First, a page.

National Electricity Market Optimiser

National Electricity Market Optimiser (NEMO)

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NEMO is a chronological production-cost and capacity expansion model for testing and optimising different portfolios of renewable and fossil electricity generation technologies. It has been developed and improved over the past decade and has a growing number of users.

NEMO dispatch results

It requires no proprietary software to run, making it particularly accessible to the governments of developing countries, academic researchers and students. The model is available for others to inspect and, importantly, to validate the results.


pip install nemopt


For a set of given (or default) generation or demand traces, users can:

  1. Specify & simulate a custom resource mix, or;
  2. "Evolve" a resource mix using pre-configured scenarios, or configure their own scenario

Evolution strategy

The benefit of an evolutionary approach is that while NEMO is searching for the least-cost solution, NEMO can also explore "near-optimal" resource mixes.

NEMO no longer uses genetic algorithms, but has adopted the better performing CMA-ES method.

Resource models

NEMO has models for the following resources: wind (including offshore), photovoltaics, concentrating solar power (CSP), hydropower, pumped storage hydro, biomass, black coal, open cycle gas turbines (OCGTs), combined cycle gas turbines (CCGTs), diesel generators, coal with carbon capture and storage (CCS), CCGT with CCS, geothermal, demand response, batteries, electrolysers, hydrogen fuelled gas turbines, and more.


Documentation is progressively being added to a User's Guide in the form of a Jupyter notebook.

API documentation exists for the nemo module. This is useful when building new tools that use the simulation framework.

The model is described in an Energy Policy paper titled Least cost 100% renewable electricity scenarios in the Australian National Electricity Market by Elliston, MacGill and Diesendorf (2013).

System requirements

NEMO should run on any operating system where Python 3 is available (eg, Windows, Mac OS X, Linux). It utilises some add-on packages:

Scaling up

For simple simulations or scripted sensitivity analyses, a laptop or desktop PC will be adequate. However, for optimising larger systems, a cluster of compute nodes is desirable. The model is scalable and you can devote as many locally available CPU cores to the model as you wish.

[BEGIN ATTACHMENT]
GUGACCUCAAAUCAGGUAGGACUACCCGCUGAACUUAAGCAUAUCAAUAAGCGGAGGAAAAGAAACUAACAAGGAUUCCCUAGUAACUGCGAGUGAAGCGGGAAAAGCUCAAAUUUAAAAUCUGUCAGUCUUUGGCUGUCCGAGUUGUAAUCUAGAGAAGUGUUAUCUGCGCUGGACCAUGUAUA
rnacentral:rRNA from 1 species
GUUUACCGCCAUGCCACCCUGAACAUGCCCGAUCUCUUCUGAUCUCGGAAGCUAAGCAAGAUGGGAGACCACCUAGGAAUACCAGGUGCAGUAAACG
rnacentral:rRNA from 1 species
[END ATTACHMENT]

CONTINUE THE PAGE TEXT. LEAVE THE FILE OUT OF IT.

Due to a lack of active development, support for SCOOP has been removed. It will be soon replaced with something like Ray.


If you use NEMO, please cite the following paper:

Ben Elliston, Mark Diesendorf, Iain MacGill, Simulations of scenarios with 100% renewable electricity in the Australian National Electricity Market, Energy Policy, Volume 45, 2012, Pages 606-613, ISSN 0301-4215,


The nemo-devel mailing list is where users and developers can correspond.


Enhancements and bug fixes are very welcome. Please report bugs in the issue tracker. Authors retain copyright over their work.


NEMO was first developed by Dr Ben Elliston in 2011 at the Collaboration for Energy and Environmental Markets, UNSW Sydney.

NEMO is free software and the source code is licensed under the GPL version 3 license.

Useful references

Australian cost data are taken from the Australian Energy Technology Assessments (2012, 2013), the Australian Power Generation Technology Report (2015) and the CSIRO GenCost reports (2021, 2022, 2023). The GenCost reports provide the basis of the input cost assumptions for the AEMO Integrated System Plan. Costs for other countries may be added in time.

Renewable energy trace data covering the Australian National Electricity Market territory are taken from the AEMO 100% Renewables Study. An accompanying report describes the method of generating the traces.


Early development of NEMO was financially supported by the Australian Renewable Energy Agency (ARENA). Thanks to undergraduate and postgraduate student users at UNSW who have provided valuable feedback on how to improve (and document!) the model.

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